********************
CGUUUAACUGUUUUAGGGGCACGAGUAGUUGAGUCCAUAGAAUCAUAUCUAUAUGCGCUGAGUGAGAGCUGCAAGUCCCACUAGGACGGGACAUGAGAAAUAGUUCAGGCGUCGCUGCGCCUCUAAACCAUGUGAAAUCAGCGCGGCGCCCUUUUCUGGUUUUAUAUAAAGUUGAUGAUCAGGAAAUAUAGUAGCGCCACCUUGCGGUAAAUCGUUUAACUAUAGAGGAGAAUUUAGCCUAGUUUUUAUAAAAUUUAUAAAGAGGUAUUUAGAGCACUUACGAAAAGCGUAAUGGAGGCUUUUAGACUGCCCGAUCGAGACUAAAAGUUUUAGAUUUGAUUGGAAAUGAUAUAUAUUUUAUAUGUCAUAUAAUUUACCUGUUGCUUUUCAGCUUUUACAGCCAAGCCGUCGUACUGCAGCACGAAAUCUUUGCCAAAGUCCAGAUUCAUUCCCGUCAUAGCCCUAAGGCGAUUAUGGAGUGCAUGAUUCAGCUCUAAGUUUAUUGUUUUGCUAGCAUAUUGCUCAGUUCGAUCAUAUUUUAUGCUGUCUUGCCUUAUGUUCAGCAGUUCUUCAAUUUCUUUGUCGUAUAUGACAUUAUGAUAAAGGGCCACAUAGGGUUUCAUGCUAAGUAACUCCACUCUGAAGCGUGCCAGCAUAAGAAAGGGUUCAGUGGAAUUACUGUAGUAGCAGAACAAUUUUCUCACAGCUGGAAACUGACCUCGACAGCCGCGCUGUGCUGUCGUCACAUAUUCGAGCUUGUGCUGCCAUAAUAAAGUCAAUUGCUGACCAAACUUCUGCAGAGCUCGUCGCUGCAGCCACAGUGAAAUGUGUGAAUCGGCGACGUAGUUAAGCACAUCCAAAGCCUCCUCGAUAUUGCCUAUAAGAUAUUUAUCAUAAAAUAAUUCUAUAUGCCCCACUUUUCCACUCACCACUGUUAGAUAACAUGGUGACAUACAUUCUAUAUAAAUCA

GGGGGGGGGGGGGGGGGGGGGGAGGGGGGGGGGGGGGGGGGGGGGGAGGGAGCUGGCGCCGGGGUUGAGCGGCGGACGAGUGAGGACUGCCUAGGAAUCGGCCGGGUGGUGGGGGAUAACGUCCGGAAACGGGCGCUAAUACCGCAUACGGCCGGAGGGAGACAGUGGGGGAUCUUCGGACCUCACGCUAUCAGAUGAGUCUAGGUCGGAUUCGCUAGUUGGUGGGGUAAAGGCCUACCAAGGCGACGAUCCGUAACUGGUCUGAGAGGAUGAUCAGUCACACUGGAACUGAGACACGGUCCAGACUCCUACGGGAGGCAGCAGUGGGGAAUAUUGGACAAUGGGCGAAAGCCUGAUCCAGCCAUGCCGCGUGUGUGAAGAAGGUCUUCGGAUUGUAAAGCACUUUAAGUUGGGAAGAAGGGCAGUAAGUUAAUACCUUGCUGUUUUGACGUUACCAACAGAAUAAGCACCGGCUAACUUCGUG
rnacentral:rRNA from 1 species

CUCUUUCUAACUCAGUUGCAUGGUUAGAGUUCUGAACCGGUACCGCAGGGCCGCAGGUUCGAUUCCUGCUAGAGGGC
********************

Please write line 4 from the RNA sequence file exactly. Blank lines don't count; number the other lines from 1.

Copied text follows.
CUCUUUCUAACUCAGUUGCAUGGUUAGAGUUCUGAACCGGUACCGCAGGGCCGCAGGUUCGAUUCCUGCUAGAGGGC